Nova Scotia

How about that giant floating unicorn? Public to weigh in on inflatable water park

The plan to set up Splashifax, an inflatable waterslide park this summer on First Lake in Lower Sackville, will be discussed at a virtual public meeting Tuesday night.

Some locals are concerned about how the Splashifax park will impact First Lake

Unicorn water park sparks debate in Lower Sackville

9 months ago
Duration 2:56
A proposed inflatable water park on First Lake has some locals worried, while others are excited to cool off on a unicorn this summer. 2:56

The plan to set up an inflatable waterslide park — featuring a giant floating unicorn — on First Lake in Lower Sackville, N.S., is expected to be discussed tonight at a virtual public meeting.

The Splashifax park is slated to open this summer between Kinsmen Beach and the Sackawa Canoe Club. Access to the slides will be via the parking lot of the Sackville Arena.

"We're excited to bring it here," said co-owner Dave Wolpin. "This isn't new. There are hundreds of water parks like this around the world, two in the Maritimes."

The online information session will be hosted by Coun. Paul Russell, who has posted details on how to access the meeting on his website and Facebook page.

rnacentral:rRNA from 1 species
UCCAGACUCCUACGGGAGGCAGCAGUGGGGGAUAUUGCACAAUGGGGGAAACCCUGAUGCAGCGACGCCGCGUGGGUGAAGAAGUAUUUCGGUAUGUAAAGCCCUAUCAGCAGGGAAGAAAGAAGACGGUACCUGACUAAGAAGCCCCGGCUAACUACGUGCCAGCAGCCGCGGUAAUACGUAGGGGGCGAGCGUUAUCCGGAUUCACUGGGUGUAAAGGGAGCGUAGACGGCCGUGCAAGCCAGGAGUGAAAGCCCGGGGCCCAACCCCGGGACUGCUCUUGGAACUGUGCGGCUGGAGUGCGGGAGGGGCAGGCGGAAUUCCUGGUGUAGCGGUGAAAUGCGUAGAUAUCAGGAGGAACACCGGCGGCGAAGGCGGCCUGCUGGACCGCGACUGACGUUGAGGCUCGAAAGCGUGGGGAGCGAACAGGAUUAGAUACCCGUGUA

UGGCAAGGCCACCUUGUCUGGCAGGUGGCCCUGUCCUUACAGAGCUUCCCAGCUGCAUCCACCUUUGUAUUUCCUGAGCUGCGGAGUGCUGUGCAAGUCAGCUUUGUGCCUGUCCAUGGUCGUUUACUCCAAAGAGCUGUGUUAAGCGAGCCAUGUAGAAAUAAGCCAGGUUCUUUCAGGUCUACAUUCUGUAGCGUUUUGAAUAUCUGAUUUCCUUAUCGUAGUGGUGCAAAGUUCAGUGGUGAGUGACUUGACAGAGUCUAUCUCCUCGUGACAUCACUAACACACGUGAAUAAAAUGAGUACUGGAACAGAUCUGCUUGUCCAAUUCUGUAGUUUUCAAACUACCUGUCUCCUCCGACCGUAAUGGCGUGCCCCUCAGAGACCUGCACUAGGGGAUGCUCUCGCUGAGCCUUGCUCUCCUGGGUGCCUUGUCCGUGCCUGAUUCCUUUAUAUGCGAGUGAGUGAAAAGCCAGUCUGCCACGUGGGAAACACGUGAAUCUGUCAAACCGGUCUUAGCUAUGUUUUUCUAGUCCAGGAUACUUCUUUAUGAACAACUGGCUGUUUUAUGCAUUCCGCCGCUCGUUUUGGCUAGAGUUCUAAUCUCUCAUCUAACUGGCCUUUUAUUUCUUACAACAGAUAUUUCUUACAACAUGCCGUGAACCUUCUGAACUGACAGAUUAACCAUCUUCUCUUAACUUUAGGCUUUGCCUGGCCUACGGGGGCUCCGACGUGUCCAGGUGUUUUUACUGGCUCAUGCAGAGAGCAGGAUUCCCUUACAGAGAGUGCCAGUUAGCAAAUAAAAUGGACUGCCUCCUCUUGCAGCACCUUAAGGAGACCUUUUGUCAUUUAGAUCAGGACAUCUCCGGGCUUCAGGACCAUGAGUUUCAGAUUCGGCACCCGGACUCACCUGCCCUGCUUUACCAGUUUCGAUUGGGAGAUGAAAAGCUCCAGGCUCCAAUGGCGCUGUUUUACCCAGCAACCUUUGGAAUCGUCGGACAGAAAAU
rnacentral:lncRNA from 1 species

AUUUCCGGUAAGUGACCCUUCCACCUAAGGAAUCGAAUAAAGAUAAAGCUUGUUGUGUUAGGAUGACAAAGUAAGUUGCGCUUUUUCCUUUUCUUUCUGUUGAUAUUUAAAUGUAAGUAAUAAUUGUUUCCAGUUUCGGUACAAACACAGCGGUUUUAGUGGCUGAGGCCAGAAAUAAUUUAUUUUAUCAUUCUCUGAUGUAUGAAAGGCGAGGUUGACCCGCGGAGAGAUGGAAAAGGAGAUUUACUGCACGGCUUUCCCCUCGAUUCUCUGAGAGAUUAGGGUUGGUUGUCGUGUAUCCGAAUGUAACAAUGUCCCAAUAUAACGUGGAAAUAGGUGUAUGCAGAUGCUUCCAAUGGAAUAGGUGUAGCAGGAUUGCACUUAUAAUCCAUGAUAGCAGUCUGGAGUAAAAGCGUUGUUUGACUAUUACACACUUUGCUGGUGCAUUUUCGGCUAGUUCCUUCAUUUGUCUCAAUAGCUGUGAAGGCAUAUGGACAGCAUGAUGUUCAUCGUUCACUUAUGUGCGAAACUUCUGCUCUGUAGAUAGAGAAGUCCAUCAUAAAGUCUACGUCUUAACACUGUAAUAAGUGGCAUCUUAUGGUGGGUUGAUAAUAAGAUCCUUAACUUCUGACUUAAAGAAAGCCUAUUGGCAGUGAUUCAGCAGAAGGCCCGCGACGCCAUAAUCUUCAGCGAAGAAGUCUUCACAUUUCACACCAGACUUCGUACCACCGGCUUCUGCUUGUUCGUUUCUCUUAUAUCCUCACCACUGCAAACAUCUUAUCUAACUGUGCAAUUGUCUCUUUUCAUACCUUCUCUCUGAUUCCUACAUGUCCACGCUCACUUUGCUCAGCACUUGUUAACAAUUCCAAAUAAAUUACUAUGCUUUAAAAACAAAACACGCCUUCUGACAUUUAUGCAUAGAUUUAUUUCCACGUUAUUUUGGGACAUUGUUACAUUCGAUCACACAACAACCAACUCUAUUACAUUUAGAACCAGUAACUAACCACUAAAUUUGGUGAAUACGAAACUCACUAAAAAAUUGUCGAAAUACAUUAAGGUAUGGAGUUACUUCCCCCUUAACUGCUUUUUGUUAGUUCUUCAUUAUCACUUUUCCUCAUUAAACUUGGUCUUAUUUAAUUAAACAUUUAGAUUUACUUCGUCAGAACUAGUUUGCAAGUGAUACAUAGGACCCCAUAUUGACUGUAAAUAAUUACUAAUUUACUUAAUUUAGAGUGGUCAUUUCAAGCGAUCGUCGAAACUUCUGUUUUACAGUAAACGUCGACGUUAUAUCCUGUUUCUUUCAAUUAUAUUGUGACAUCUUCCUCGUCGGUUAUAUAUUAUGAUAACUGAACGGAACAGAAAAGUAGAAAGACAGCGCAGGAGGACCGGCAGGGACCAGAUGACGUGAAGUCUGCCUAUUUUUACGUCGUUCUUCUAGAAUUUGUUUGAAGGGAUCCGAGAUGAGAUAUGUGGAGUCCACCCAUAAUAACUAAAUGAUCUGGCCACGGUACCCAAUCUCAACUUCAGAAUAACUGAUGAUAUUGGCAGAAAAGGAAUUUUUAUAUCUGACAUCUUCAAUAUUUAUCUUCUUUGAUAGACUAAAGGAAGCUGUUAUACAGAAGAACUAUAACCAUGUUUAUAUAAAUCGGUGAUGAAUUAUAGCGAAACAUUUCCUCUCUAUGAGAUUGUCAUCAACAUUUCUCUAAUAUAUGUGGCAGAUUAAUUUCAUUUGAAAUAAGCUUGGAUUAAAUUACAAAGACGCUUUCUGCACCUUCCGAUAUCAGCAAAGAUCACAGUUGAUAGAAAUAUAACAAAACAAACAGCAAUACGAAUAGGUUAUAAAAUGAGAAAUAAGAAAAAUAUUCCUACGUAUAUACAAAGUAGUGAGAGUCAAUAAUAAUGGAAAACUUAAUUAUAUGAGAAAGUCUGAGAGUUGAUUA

In an email, Russell said he is "working with Splashifax and the Sackville community to make sure that we have a good understanding of what the park is about."

Wolpin said there's been a lot of support for the park, which will be deflated and removed at the end of the season. 

A map of the Splashifax water park set to open in Lower Sackville this summer. (Facebook/Splashifax)

But not everyone is convinced First Lake is the appropriate place for a water park.

Lynn Gray, who lives in the area and owns a business in Lower Sackville, said she doesn't believe the community has been properly consulted.

"I'm still concerned and alarmed about the fragility of the lake," said Gray. "The ecosystem is at risk here."

25 jobs to be created

Wolpin said the company does not plan to remove any vegetation and will be conducting weekly water tests. He pointed out that the water park will use a fraction of the total lake surface — less than half a per cent.

"We're really hoping we can get the community on board," said Wolpin. "We're bringing 25 jobs to Lower Sackville and we're going to bring lots of traffic to local businesses, especially food outlets."

Gray said she believes the company should have multiple permits in place, including one from Transportation Canada, before the park is allowed to open.

"I just thinks there needs to be some accountability," said Gray.

In an email to CBC, an HRM official said the waterslide park would require a development permit for any land-based access prior to opening, along with the permission of the property owner. According to planning staff, the municipality has not yet received a development permit application.

Splashifax originally planned to open in 2020, but the venture was delayed because of the COVID-19 pandemic.

ABOUT THE AUTHOR

Pam Berman

Reporter

Pam Berman is CBC Nova Scotia's municipal affairs reporter. She's been a journalist for almost 35 years and has covered Halifax regional council since 1997. That includes four municipal elections, 19 budgets and countless meetings. Story ideas can be sent to pam.berman@cbc.ca

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